“It’s been like living like a monster in a cage, a caged animal, for the past 50 years of my life,” said Bill. “It’s affected every aspect of my life, from childhood to adulthood.”
“It was making me miserable,” said Richard. “I can’t enjoy the things I want to.”
“It destroyed the relationship I had with my father; it destroyed the relationship I had with friends,” said Russell. “It destroyed my ability to go out and participate in athletics.”
The unnamed “it” is paruresis, and in an era when it seems every possible human condition is regularly discussed in public, most readers are no doubt unfamiliar with the term. Also known as “bladder shyness,” paruresis is the inability to urinate in public bathrooms, or even in a private bathroom while others may be somewhere nearby.
“Hardly anybody who doesn’t have it knows about it,” said David Carbonell, a clinical psychologist in Chicago specializing in anxiety disorders. “This is one of those conditions people have an inordinate amount of shame about.”
The subject is so sensitive, all patients I spoke with asked for anonymity, so I use a pseudonym for anyone I identify solely by a first name.
This shame causes sufferers to lose relationships and jobs because they refuse to go into situations — dates, business trips — where they aren’t certain of having access to an utterly private bathroom.
Paruresis is obsessive, vastly magnifying the significance of the bathroom process. You might think that an airplane toilet is private, for instance. But a person with paruresis fixates on the walk down the airplane aisle to the bathroom, passing other passengers who might judge them.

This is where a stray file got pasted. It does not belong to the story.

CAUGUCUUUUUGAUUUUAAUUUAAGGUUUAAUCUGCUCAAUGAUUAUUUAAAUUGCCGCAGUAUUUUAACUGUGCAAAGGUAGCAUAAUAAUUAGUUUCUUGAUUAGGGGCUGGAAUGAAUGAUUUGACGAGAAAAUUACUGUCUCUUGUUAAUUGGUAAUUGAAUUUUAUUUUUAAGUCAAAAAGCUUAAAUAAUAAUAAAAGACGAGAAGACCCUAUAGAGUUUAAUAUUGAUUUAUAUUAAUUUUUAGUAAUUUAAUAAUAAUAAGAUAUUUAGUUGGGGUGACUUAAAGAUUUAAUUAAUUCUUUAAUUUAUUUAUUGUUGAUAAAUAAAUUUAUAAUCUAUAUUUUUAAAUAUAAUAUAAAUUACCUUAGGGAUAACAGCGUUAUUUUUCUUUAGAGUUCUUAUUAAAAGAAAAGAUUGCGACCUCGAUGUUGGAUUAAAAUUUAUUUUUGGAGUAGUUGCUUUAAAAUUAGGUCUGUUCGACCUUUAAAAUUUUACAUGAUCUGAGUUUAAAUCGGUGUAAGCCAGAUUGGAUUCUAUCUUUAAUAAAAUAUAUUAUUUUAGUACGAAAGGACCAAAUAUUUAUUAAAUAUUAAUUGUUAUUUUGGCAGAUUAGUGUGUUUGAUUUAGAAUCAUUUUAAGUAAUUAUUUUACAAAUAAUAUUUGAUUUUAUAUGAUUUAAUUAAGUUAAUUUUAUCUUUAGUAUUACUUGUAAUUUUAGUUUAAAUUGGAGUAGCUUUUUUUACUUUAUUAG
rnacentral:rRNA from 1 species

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I've heard of it, mainly through the Ann Landers column, back in the day. She, too, called it "bladder shyness"--and there were multiple letters from men who confessed an inability to urinate "under pressure"...mainly in the public bathrooms of crowded places, such as theaters, concerts, or sports venues.ReplyDelete
When there were a lot of antsy men in line behind the urinal, as well as other men doing their business on either side, they lost the ability to do their business quickly, thus pissing off (pun intended) those behind them. The open metal troughs at Wrigley suddenly come to mind.
One reply about this topic was unforgettable. The writer said to visualize a running faucet...or a large waterfall. Worked like a charm. Problem solved. Other letter-writers then responded with testimonials, saying that this head trick worked for them, too. What a whiz-bang solution.
Funny how some things will stick in your cabeza--and stay there forever.
Something else I can rejoice that I'm not afflicted with. When I had an angiogram a few years ago, my cardiologist fed me a whole bunch of water to test how my heart would handle the additional load. All well and good, but later in the recovery room, lying flat on my back, warned to move as little as possible for fear that the artery in which the tube had been inserted would open, I had to get rid of all that extra water, annoying the attendant nurse by calling every few minutes for a fresh bottle to fill. Glad I didn't have paruresis or even know about it then -- I think my bladder would have literally burst had I been even a little bladder shy.ReplyDelete
“Not to put too fine a point in it, men take a lot of pride in their penis..."ReplyDelete
Please, please, don't put a point in it, fine or not.
An interesting report about a topic I'd always thought was kinda odd, which is part of the problem for the sufferers, it would seem. I don't have bladder shyness, but I'd say I've got a bit of colon shyness, if you get what I'm saying...
How about those prostates?ReplyDelete
Thank you for sharing this. It's so good to see people being honest, and receiving support.ReplyDelete